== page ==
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Trauma is a psychological and emotional response to a distressing or life-threatening event or series of events. Trauma can be caused by a range of experiences, such as physical or sexual assault, natural disasters, serious accidents, combat, or the sudden loss of a loved one. When someone experiences trauma, it can trigger a wide range of emotional, psychological, and physical reactions. 

Types of Trauma:

  • Post-Traumatic Stress Disorder (PTSD)

    • PTSD is a psychological disorder that can occur in people who experienced or witnessed a life-threatening event such as a:

      • Car accident

      • Natural disaster

      • Sexual or physical assault

      • War or terrorist attack

      • Medical trauma.

  • Complex Trauma (C-PTSD)

    • Complex trauma is a psychological disorder develops in response to repeated interpersonal traumas that an individual cannot escape that occur over long periods of time. Complex trauma often develops in childhood or adolescence but can also develop in adulthood. Examples of complex trauma include:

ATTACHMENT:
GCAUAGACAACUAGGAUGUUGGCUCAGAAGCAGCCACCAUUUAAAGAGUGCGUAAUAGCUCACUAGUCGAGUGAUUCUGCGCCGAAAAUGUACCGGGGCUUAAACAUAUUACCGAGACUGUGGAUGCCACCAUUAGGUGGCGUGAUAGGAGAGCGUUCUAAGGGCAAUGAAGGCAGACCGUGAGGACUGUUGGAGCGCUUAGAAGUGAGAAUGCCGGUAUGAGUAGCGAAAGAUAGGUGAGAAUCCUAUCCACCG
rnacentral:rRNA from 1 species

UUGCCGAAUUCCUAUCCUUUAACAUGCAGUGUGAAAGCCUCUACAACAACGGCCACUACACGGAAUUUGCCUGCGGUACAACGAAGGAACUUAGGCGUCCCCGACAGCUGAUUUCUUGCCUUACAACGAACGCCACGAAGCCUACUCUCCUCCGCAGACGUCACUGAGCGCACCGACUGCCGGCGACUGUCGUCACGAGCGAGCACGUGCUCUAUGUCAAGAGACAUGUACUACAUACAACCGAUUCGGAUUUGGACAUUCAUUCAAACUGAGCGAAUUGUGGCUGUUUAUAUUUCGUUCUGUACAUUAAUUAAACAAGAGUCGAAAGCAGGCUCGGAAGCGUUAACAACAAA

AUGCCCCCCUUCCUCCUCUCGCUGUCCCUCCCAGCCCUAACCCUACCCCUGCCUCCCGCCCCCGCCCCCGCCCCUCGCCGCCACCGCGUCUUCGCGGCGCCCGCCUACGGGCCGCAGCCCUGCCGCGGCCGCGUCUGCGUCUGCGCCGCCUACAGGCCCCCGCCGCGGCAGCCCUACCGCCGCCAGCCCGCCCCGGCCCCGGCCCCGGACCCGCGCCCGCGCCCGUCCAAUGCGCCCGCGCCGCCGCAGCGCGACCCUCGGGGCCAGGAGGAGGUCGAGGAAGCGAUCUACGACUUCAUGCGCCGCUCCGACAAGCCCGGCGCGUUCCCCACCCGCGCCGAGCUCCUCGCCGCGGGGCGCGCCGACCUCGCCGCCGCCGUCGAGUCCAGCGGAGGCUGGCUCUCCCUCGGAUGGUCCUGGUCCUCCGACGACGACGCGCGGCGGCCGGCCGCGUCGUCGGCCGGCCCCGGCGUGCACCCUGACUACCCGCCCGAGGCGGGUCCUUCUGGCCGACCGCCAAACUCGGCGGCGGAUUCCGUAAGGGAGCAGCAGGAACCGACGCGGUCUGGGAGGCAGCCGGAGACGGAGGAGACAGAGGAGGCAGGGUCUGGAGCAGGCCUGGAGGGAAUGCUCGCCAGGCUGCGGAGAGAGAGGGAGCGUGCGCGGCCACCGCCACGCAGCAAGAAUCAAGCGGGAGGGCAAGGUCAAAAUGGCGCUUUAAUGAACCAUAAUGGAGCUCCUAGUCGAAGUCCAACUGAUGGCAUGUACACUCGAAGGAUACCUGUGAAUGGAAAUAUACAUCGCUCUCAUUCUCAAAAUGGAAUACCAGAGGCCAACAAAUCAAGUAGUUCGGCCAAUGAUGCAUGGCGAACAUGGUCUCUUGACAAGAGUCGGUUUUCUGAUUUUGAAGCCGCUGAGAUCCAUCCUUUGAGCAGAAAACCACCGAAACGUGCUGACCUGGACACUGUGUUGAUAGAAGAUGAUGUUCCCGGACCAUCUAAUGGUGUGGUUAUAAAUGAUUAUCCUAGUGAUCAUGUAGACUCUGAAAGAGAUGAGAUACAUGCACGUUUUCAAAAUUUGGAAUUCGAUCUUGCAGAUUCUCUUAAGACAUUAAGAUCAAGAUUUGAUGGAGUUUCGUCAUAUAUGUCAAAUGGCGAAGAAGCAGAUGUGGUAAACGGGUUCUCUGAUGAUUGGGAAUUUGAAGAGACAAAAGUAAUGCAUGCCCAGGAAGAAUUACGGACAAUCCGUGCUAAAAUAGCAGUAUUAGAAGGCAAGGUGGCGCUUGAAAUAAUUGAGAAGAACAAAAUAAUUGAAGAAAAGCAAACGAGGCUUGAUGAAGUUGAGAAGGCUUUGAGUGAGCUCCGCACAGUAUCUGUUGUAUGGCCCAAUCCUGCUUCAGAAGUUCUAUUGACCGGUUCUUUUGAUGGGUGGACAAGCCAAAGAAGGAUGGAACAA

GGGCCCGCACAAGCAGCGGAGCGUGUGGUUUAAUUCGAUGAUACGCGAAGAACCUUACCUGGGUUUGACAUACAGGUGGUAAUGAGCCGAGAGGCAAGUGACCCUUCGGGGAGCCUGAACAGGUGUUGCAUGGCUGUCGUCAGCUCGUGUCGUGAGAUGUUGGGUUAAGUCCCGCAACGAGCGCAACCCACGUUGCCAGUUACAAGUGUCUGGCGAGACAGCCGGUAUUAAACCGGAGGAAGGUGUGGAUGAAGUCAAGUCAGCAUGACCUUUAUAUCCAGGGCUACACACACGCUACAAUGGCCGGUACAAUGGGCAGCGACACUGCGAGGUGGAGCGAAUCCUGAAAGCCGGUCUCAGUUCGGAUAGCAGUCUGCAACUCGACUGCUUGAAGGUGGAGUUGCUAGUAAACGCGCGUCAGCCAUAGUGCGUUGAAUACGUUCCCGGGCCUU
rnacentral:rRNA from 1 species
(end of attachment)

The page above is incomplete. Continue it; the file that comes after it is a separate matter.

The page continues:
• Childhood sexual, verbal, or physical abuse

      • Emotional or physical abandonment

      • Emotional or physical neglect

      • Ongoing domestic violence

      • Being kidnapped or a prisoner of war

      • Repeated witnessing of violence as a child, adolescent, or adult

      • Human trafficking

      • Torture and ritual abuse​​

  • Dissociative Disorders​​

    • Dissociative disorders are mental disorders that involve an involuntary disconnection between thoughts, memories, actions, and identity. Dissociative disorders occur as a result of repeated emotional, sexual, or physical abuse. 

Common symptoms of trauma include:

  • Intrusive thoughts or memories about the traumatic event

  • Avoidance of reminders of the trauma

  • Negative thoughts or beliefs about oneself or the world

  • Hypervigilance or feeling "on guard" all the time

  • Sleep disturbances, including nightmares or insomnia

  • Feelings of shame, guilt, or self-blame

  • Changes in mood, such as feeling irritable, angry, or sad

  • Feeling disconnected from oneself or others

  • Memory loss (amnesia) for periods of time

  • Feeling detached from your self 

  • Feeling like people or the environment is not real

  • Identity confusion

Trauma can also lead to the development of mental health disorders, such as post-traumatic stress disorder (PTSD), depression, anxiety, eating disorders, substance abuse, self-harm, suicidal ideation, and personaity disorders. It's important to note that different types of trauma may require different approaches to therapy. MHRS can help determine the best approach for an individual's specific needs.

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